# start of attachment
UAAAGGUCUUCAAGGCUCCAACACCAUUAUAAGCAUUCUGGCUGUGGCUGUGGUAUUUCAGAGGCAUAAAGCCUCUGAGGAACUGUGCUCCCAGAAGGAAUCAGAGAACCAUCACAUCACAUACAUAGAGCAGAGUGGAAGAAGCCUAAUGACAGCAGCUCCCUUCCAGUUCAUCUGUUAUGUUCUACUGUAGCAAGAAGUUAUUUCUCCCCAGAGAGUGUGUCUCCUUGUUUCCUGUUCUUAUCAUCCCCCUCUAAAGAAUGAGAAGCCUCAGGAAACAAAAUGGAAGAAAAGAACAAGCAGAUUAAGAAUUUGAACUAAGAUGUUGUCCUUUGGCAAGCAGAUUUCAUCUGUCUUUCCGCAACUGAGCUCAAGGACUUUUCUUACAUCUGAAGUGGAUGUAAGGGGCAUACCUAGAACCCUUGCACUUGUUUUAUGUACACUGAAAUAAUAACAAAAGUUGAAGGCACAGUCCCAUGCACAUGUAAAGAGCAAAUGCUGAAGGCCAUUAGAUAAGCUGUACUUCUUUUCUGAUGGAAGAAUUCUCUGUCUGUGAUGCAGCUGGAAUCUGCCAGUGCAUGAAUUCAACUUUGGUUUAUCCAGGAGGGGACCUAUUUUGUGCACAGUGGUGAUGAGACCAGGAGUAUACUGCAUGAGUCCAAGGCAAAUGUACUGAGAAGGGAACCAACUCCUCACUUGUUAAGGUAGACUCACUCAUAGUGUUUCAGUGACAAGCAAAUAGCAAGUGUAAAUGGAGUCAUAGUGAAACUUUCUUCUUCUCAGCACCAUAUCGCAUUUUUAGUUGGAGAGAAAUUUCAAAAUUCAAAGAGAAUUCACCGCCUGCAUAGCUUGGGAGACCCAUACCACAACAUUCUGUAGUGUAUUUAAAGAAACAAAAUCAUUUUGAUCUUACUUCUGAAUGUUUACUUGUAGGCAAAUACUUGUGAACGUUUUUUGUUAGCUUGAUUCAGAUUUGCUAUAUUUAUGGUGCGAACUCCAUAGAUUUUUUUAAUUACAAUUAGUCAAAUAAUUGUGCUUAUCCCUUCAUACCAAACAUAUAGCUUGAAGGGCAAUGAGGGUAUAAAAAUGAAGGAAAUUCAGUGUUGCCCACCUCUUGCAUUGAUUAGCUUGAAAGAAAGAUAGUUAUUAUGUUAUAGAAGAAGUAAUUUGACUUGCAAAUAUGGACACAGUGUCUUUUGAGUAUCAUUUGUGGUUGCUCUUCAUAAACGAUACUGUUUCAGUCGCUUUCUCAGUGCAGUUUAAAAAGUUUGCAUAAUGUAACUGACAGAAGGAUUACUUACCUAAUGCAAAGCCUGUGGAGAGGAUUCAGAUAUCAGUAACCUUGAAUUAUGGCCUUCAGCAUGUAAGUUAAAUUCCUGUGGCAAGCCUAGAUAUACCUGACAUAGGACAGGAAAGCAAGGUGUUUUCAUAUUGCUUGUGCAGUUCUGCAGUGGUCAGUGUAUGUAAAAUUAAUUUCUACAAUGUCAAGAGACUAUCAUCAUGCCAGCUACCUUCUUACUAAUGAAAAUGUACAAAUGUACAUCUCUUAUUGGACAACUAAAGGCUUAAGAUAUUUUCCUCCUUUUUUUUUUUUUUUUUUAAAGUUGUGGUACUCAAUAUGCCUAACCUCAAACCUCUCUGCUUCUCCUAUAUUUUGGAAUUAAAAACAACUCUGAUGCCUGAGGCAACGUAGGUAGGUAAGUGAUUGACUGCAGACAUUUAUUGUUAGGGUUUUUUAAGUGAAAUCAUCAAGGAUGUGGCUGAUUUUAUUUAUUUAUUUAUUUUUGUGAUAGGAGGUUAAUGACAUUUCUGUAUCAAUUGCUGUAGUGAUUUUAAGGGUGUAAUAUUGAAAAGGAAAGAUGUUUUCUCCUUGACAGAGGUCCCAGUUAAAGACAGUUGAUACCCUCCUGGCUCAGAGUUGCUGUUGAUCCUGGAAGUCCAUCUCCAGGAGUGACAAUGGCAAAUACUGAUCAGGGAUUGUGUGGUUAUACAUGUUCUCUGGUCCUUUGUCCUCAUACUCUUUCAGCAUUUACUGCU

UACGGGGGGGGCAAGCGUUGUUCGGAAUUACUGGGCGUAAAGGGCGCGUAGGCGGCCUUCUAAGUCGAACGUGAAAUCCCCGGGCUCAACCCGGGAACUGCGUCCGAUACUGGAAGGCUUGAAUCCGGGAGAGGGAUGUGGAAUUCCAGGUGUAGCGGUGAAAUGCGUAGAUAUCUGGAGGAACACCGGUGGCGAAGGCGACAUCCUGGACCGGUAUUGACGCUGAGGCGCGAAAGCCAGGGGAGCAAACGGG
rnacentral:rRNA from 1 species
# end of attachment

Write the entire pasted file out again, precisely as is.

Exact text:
UAAAGGUCUUCAAGGCUCCAACACCAUUAUAAGCAUUCUGGCUGUGGCUGUGGUAUUUCAGAGGCAUAAAGCCUCUGAGGAACUGUGCUCCCAGAAGGAAUCAGAGAACCAUCACAUCACAUACAUAGAGCAGAGUGGAAGAAGCCUAAUGACAGCAGCUCCCUUCCAGUUCAUCUGUUAUGUUCUACUGUAGCAAGAAGUUAUUUCUCCCCAGAGAGUGUGUCUCCUUGUUUCCUGUUCUUAUCAUCCCCCUCUAAAGAAUGAGAAGCCUCAGGAAACAAAAUGGAAGAAAAGAACAAGCAGAUUAAGAAUUUGAACUAAGAUGUUGUCCUUUGGCAAGCAGAUUUCAUCUGUCUUUCCGCAACUGAGCUCAAGGACUUUUCUUACAUCUGAAGUGGAUGUAAGGGGCAUACCUAGAACCCUUGCACUUGUUUUAUGUACACUGAAAUAAUAACAAAAGUUGAAGGCACAGUCCCAUGCACAUGUAAAGAGCAAAUGCUGAAGGCCAUUAGAUAAGCUGUACUUCUUUUCUGAUGGAAGAAUUCUCUGUCUGUGAUGCAGCUGGAAUCUGCCAGUGCAUGAAUUCAACUUUGGUUUAUCCAGGAGGGGACCUAUUUUGUGCACAGUGGUGAUGAGACCAGGAGUAUACUGCAUGAGUCCAAGGCAAAUGUACUGAGAAGGGAACCAACUCCUCACUUGUUAAGGUAGACUCACUCAUAGUGUUUCAGUGACAAGCAAAUAGCAAGUGUAAAUGGAGUCAUAGUGAAACUUUCUUCUUCUCAGCACCAUAUCGCAUUUUUAGUUGGAGAGAAAUUUCAAAAUUCAAAGAGAAUUCACCGCCUGCAUAGCUUGGGAGACCCAUACCACAACAUUCUGUAGUGUAUUUAAAGAAACAAAAUCAUUUUGAUCUUACUUCUGAAUGUUUACUUGUAGGCAAAUACUUGUGAACGUUUUUUGUUAGCUUGAUUCAGAUUUGCUAUAUUUAUGGUGCGAACUCCAUAGAUUUUUUUAAUUACAAUUAGUCAAAUAAUUGUGCUUAUCCCUUCAUACCAAACAUAUAGCUUGAAGGGCAAUGAGGGUAUAAAAAUGAAGGAAAUUCAGUGUUGCCCACCUCUUGCAUUGAUUAGCUUGAAAGAAAGAUAGUUAUUAUGUUAUAGAAGAAGUAAUUUGACUUGCAAAUAUGGACACAGUGUCUUUUGAGUAUCAUUUGUGGUUGCUCUUCAUAAACGAUACUGUUUCAGUCGCUUUCUCAGUGCAGUUUAAAAAGUUUGCAUAAUGUAACUGACAGAAGGAUUACUUACCUAAUGCAAAGCCUGUGGAGAGGAUUCAGAUAUCAGUAACCUUGAAUUAUGGCCUUCAGCAUGUAAGUUAAAUUCCUGUGGCAAGCCUAGAUAUACCUGACAUAGGACAGGAAAGCAAGGUGUUUUCAUAUUGCUUGUGCAGUUCUGCAGUGGUCAGUGUAUGUAAAAUUAAUUUCUACAAUGUCAAGAGACUAUCAUCAUGCCAGCUACCUUCUUACUAAUGAAAAUGUACAAAUGUACAUCUCUUAUUGGACAACUAAAGGCUUAAGAUAUUUUCCUCCUUUUUUUUUUUUUUUUUUAAAGUUGUGGUACUCAAUAUGCCUAACCUCAAACCUCUCUGCUUCUCCUAUAUUUUGGAAUUAAAAACAACUCUGAUGCCUGAGGCAACGUAGGUAGGUAAGUGAUUGACUGCAGACAUUUAUUGUUAGGGUUUUUUAAGUGAAAUCAUCAAGGAUGUGGCUGAUUUUAUUUAUUUAUUUAUUUUUGUGAUAGGAGGUUAAUGACAUUUCUGUAUCAAUUGCUGUAGUGAUUUUAAGGGUGUAAUAUUGAAAAGGAAAGAUGUUUUCUCCUUGACAGAGGUCCCAGUUAAAGACAGUUGAUACCCUCCUGGCUCAGAGUUGCUGUUGAUCCUGGAAGUCCAUCUCCAGGAGUGACAAUGGCAAAUACUGAUCAGGGAUUGUGUGGUUAUACAUGUUCUCUGGUCCUUUGUCCUCAUACUCUUUCAGCAUUUACUGCU

UACGGGGGGGGCAAGCGUUGUUCGGAAUUACUGGGCGUAAAGGGCGCGUAGGCGGCCUUCUAAGUCGAACGUGAAAUCCCCGGGCUCAACCCGGGAACUGCGUCCGAUACUGGAAGGCUUGAAUCCGGGAGAGGGAUGUGGAAUUCCAGGUGUAGCGGUGAAAUGCGUAGAUAUCUGGAGGAACACCGGUGGCGAAGGCGACAUCCUGGACCGGUAUUGACGCUGAGGCGCGAAAGCCAGGGGAGCAAACGGG
rnacentral:rRNA from 1 species